Symbolism and Idolatry

13 06 2009

The doors parted, and in walked this shaky-legged man, gripping his staff for support.  Everything in him wanted to turn and run.  By all rights, he should have, except that to flee the wrath of this king would land him at the whipping post of another, far greater,  king.  This staff that he was leaning on was more than just a stick.  It was a symbol of power, given to him by the king whom he came to represent.  Physically, he knew that it was just a stick, but it was an ever present reminder of the moment when his shepherd’s crook had been turned into a snake and then back again.  Whenever he doubted himself, all he had to do was look at this staff, shaped like a rather long serpent, to remember that he was not just acting upon a foolish fancy.  He was, in fact, fulfilling the command of I Am.  The staff had become a symbol of God and his power.  It was the central object in each of his miracles, a way of identifying those miracles with the same God that had altered the shape of this stick.  If the stick parted the water, then God parted the water.  If the stick made water come from a rock, then God made water come from a rock.  God performed the miracle, and the stick’s involvement was the symbol that identified that miracle as having come from God.  Ultimately, though, it was still just a stick.  That would eventually change.

 The great Pharaoh looked up and saw the prophet of God standing before him.  This man had become a symbol of God, himself.  If this mortal turned water into blood, then it was an act of God.  If this man made fire rain from Heaven, then it was God that made fire rain from Heaven.  Had it been a miracle by any other hand, it would have been a miracle by some other god.  Ultimately, though, this was just a man.  Men could be stopped.  Defeat the symbol, and you defeat its reference, right?  No, but Pharaoh could not defeat either one, anyway.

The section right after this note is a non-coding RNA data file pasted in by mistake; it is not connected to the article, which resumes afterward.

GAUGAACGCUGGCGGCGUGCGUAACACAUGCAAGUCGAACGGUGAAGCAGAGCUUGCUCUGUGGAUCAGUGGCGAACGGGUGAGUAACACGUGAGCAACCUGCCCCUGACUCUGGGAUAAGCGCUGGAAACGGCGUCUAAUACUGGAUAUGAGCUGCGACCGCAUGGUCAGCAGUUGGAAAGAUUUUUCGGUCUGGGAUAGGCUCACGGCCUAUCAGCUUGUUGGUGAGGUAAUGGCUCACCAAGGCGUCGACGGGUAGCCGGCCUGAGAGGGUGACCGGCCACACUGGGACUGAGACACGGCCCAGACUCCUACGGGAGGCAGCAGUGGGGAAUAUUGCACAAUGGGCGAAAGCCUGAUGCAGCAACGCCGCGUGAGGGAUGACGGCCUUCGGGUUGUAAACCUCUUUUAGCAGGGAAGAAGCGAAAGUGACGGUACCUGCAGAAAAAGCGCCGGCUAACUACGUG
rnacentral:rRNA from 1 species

After succeeding in taking his captive people out of Egypt, the miracles of I Am continued through Moses, or, as Moses would see it, the miracles continued through the staff.  A change was taking place in the mind of the prophet, though.  As time progressed, the stick was less and less a reminder of Yahweh and the burning bush and more a reminder of all of the miracles that it had been party to.  Moses’ own history with that piece of wood had grown to eclipse its symbolic reference, God himself.  His trust in the stick was no longer symbolic of his trust in God.  He actually had come to trust the thing independently of God.  However, God does not empower idols.  The stick had to go.  One day, God told him to speak to the rock to make it bring forth water.  Moses then struggled between his faith in God versus his faith in a piece of wood.  Formerly, there could have been no such dilemma, because his faith in the stick was synonymous with his faith in God.  Unfortunately, the stick won the battle of the wills.